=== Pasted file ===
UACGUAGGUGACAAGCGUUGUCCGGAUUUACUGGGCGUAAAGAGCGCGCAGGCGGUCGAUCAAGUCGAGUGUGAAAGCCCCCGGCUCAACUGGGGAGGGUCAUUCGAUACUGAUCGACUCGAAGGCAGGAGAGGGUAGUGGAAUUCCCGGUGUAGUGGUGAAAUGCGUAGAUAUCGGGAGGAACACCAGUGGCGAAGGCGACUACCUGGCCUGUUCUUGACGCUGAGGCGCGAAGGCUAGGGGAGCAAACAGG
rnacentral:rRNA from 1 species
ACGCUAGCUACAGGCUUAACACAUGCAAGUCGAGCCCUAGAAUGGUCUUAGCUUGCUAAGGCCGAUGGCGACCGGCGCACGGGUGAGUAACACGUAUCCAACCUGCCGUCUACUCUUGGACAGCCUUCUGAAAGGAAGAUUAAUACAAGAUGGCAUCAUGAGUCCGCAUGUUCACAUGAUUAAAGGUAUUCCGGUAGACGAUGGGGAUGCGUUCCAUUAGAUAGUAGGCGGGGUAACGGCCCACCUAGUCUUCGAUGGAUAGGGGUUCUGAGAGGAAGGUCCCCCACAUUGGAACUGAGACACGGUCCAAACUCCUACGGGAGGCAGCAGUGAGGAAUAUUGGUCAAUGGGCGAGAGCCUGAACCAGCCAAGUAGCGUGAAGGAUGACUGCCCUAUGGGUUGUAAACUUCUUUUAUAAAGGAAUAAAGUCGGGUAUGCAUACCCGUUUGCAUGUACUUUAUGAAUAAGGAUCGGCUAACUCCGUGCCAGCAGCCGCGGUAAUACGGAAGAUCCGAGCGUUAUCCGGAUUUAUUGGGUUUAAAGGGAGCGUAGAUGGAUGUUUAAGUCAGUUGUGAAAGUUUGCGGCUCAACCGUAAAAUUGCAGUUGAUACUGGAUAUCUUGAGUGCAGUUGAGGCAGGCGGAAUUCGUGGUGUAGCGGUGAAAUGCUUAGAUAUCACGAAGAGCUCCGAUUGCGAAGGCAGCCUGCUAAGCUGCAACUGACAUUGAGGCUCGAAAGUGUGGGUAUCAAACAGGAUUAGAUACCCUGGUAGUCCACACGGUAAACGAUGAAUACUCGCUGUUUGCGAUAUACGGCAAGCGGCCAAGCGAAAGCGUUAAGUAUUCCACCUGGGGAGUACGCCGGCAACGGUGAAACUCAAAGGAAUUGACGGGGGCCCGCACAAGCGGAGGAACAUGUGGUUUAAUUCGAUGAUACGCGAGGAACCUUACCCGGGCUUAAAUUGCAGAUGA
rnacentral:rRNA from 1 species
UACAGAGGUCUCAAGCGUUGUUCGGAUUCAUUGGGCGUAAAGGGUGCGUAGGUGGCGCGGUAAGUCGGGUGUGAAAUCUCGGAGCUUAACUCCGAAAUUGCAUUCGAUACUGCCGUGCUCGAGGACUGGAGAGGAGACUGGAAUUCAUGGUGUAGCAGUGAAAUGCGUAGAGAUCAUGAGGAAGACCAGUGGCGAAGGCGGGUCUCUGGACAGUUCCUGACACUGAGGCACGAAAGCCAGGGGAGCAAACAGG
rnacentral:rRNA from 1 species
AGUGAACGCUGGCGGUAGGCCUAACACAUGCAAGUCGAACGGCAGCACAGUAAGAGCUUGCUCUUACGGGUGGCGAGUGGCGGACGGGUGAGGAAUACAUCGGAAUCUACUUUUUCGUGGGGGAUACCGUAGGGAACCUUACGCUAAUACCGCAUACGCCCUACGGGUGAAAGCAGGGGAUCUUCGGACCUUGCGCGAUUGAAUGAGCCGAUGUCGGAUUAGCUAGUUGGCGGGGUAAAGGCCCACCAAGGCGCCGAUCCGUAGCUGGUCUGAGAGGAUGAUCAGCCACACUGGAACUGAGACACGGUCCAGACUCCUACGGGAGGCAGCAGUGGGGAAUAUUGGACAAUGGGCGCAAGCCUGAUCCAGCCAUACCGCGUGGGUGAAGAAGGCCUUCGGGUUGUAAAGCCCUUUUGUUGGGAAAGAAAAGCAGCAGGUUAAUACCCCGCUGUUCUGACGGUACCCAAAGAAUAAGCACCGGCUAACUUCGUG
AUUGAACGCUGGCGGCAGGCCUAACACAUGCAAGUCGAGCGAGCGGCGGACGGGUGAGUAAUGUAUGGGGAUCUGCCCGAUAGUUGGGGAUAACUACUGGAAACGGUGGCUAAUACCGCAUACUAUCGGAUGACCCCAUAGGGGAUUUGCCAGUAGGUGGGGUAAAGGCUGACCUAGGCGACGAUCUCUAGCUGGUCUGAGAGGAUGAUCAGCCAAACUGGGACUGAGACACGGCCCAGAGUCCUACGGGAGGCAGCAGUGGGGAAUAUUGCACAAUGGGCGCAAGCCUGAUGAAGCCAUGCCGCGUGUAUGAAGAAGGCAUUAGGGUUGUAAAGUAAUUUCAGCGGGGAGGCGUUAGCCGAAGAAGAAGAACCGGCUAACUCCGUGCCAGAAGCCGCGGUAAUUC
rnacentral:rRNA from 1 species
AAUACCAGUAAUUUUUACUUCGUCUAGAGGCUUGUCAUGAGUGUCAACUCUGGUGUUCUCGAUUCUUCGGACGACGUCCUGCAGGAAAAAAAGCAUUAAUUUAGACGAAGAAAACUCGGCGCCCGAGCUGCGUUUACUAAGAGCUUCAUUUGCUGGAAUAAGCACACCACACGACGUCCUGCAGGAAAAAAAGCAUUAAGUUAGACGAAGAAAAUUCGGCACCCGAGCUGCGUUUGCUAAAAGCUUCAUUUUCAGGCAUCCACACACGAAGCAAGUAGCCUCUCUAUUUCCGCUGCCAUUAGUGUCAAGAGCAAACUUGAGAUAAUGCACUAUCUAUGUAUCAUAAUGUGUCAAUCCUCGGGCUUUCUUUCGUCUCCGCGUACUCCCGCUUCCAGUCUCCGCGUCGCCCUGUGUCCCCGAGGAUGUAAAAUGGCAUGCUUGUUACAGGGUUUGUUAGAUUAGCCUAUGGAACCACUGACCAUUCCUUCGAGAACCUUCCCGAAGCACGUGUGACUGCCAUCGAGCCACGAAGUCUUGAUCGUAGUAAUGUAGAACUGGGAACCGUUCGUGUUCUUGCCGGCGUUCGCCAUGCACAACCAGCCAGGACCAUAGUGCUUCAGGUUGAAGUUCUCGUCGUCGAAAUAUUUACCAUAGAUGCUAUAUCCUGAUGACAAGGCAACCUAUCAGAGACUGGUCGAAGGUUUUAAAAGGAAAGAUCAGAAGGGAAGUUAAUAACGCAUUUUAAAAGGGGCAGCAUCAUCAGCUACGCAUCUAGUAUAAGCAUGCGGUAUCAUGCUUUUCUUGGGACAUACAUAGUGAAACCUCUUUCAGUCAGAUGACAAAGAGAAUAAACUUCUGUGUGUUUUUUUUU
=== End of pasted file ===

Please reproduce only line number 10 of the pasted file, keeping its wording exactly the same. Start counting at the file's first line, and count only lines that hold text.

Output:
AAUACCAGUAAUUUUUACUUCGUCUAGAGGCUUGUCAUGAGUGUCAACUCUGGUGUUCUCGAUUCUUCGGACGACGUCCUGCAGGAAAAAAAGCAUUAAUUUAGACGAAGAAAACUCGGCGCCCGAGCUGCGUUUACUAAGAGCUUCAUUUGCUGGAAUAAGCACACCACACGACGUCCUGCAGGAAAAAAAGCAUUAAGUUAGACGAAGAAAAUUCGGCACCCGAGCUGCGUUUGCUAAAAGCUUCAUUUUCAGGCAUCCACACACGAAGCAAGUAGCCUCUCUAUUUCCGCUGCCAUUAGUGUCAAGAGCAAACUUGAGAUAAUGCACUAUCUAUGUAUCAUAAUGUGUCAAUCCUCGGGCUUUCUUUCGUCUCCGCGUACUCCCGCUUCCAGUCUCCGCGUCGCCCUGUGUCCCCGAGGAUGUAAAAUGGCAUGCUUGUUACAGGGUUUGUUAGAUUAGCCUAUGGAACCACUGACCAUUCCUUCGAGAACCUUCCCGAAGCACGUGUGACUGCCAUCGAGCCACGAAGUCUUGAUCGUAGUAAUGUAGAACUGGGAACCGUUCGUGUUCUUGCCGGCGUUCGCCAUGCACAACCAGCCAGGACCAUAGUGCUUCAGGUUGAAGUUCUCGUCGUCGAAAUAUUUACCAUAGAUGCUAUAUCCUGAUGACAAGGCAACCUAUCAGAGACUGGUCGAAGGUUUUAAAAGGAAAGAUCAGAAGGGAAGUUAAUAACGCAUUUUAAAAGGGGCAGCAUCAUCAGCUACGCAUCUAGUAUAAGCAUGCGGUAUCAUGCUUUUCUUGGGACAUACAUAGUGAAACCUCUUUCAGUCAGAUGACAAAGAGAAUAAACUUCUGUGUGUUUUUUUUU